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DevStack, Messaging, Voice

Simulating love with Node, Express, and Bandwidth


March 3, 2016


March 29, 2023

"Text me", inside heart graphic.

It’s that time of the year again… A simple stop to the local pharmacy reminds you that you’re all alone. Well, fret not you unrequited lover, you. We here at Bandwidth love you and that’s why we wrote Heart-Text. Heart-Text is a simple NodeJS application written with the Express framework that shares the love. Simply text or call 732-iLoveBW (732–456–8329) and Bandwidth will respond with a Whole Lotta Love.

Now that I feel loved, how does this work?

Simple, we have a communication API that lets you control phone numbers programmatically. Pretty much every on-demand service (call-a-car, rent-a-room, borrow-a-dog, etc…) all use some sort of telecom API to power part of their business. Creating artificial love is only a few lines of javascript away.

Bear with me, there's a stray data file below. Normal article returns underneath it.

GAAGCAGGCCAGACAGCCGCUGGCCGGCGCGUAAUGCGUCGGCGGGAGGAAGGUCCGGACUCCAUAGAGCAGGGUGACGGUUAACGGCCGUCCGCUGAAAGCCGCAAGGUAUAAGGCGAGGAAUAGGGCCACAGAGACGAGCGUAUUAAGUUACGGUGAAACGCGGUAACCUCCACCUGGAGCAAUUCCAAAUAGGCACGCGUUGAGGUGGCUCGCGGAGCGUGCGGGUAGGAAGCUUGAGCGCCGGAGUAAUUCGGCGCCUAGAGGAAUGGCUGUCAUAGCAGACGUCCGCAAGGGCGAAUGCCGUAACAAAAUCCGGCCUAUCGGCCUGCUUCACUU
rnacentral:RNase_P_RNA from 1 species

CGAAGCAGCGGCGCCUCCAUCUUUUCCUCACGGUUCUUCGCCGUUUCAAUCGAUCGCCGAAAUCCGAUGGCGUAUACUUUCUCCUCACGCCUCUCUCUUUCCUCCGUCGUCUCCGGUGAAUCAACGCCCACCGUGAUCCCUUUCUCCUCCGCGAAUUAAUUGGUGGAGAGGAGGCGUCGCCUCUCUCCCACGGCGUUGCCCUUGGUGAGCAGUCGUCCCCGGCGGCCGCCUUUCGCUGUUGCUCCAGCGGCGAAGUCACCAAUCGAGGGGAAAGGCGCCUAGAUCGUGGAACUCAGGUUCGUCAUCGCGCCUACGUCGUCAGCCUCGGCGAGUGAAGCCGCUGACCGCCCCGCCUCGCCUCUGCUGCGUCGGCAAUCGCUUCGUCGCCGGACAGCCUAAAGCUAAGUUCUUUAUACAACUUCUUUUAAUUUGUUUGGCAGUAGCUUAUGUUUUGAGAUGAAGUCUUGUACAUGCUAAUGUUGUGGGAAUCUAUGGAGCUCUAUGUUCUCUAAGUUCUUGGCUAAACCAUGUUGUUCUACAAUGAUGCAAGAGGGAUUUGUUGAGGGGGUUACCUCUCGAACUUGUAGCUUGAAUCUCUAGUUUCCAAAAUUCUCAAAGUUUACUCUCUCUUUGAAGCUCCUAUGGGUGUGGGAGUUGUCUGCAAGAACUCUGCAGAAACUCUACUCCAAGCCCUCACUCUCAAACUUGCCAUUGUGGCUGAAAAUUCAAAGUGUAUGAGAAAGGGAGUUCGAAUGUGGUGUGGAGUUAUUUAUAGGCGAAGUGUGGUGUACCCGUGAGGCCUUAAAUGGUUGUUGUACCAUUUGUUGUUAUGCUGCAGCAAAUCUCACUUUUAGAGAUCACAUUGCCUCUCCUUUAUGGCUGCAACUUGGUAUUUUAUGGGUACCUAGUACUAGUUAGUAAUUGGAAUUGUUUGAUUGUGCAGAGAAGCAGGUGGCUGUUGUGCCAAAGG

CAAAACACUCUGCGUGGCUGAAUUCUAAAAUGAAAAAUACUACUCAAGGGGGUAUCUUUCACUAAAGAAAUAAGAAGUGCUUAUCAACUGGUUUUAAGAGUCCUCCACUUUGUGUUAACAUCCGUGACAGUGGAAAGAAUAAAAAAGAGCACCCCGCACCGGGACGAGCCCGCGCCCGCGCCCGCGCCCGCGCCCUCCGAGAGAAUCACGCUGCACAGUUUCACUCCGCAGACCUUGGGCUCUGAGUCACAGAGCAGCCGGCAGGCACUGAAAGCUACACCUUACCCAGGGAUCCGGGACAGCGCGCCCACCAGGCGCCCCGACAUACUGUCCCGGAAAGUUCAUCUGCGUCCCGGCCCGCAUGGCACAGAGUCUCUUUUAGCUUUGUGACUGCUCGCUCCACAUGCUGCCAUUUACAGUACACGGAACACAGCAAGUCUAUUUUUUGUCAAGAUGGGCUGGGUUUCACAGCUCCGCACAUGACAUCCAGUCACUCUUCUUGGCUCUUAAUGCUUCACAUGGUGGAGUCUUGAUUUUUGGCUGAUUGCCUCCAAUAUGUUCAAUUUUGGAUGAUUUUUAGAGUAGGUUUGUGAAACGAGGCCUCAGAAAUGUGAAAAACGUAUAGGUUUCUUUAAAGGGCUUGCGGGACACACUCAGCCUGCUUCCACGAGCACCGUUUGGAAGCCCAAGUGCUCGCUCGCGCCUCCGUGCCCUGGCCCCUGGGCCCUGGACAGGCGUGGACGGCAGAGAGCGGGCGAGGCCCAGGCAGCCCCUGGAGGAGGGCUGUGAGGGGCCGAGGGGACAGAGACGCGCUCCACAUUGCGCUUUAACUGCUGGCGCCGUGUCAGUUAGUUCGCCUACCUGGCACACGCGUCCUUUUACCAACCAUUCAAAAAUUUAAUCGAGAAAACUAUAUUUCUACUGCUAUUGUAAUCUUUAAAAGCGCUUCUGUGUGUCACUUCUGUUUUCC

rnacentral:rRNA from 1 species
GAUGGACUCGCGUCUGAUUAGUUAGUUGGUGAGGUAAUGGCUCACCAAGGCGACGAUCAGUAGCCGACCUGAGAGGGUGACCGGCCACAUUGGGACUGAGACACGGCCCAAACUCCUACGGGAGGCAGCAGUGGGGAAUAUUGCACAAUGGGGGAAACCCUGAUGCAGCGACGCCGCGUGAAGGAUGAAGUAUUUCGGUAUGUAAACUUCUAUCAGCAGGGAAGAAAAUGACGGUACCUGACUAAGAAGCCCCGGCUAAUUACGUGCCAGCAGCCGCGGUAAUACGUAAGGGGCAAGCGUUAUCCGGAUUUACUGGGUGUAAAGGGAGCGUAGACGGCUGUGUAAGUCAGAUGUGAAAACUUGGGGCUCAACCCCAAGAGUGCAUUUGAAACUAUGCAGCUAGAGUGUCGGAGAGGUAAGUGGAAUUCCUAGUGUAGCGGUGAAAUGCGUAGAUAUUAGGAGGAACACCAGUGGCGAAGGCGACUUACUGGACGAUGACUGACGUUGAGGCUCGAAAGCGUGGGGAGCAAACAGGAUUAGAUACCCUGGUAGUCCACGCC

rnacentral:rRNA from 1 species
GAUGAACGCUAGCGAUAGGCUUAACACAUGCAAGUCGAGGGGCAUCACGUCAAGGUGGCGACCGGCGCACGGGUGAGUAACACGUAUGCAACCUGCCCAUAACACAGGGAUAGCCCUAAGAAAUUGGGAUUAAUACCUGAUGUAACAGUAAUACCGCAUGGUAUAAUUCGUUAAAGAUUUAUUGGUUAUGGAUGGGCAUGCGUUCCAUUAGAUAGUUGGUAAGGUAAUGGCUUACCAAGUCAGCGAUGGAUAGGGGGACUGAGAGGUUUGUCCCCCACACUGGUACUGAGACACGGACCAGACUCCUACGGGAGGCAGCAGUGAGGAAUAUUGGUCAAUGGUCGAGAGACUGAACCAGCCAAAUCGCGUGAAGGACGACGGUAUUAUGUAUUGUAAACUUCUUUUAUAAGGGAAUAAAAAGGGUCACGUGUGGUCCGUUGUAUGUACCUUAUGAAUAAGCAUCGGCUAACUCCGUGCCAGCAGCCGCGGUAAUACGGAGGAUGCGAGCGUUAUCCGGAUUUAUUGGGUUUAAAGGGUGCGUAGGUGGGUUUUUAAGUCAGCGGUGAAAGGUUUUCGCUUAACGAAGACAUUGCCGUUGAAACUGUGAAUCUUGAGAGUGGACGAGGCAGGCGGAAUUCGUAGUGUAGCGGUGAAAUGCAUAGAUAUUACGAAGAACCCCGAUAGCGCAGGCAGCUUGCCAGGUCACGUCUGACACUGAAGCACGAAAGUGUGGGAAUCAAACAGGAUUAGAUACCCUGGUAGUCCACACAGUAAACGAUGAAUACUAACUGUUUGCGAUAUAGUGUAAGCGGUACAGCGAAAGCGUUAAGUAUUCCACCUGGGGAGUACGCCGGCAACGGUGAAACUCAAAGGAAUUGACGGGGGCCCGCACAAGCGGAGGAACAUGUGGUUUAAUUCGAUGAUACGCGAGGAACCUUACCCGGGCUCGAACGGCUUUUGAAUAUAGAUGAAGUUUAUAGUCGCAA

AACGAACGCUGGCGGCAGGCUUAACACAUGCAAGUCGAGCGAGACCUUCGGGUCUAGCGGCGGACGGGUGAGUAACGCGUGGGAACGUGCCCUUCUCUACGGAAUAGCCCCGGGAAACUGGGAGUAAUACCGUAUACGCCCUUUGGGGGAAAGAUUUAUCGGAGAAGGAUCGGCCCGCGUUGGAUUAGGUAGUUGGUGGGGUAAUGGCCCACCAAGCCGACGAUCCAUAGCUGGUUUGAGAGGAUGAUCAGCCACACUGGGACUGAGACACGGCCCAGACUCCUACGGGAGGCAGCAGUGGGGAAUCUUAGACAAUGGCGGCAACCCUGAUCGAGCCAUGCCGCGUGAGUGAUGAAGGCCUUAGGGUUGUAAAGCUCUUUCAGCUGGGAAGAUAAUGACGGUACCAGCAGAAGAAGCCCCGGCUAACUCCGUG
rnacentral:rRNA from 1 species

Handling Text Messages

Everyone ❤s getting picture messages from the one they ❤. So heart-text will send a lovely stock-image when certain keywords are matched. But at it’s ❤, it mainly just auto-responds to the text.

Heart-Text Diagrams - Incoming Message (2)
Basic Flow

Putting this all together with express and node, all you need to do is extract the relevant query parameters and build the message to send to the Bandwidth REST API

How to respond to incoming text messages using the REST API

Handling Incoming Calls

image 2

But what if you want to call your computer lover? Heart-Text handles that equally as well using BXML instead of the REST API. Use BXML to play audio on incoming call Building the BXML and response is a few lines of code within the call handle express middleware
Respond to incoming calls with BXML

Want to build your own heart-text bot?

All you need is a Bandwidth account and then download the Repo hosted in Github.

image 3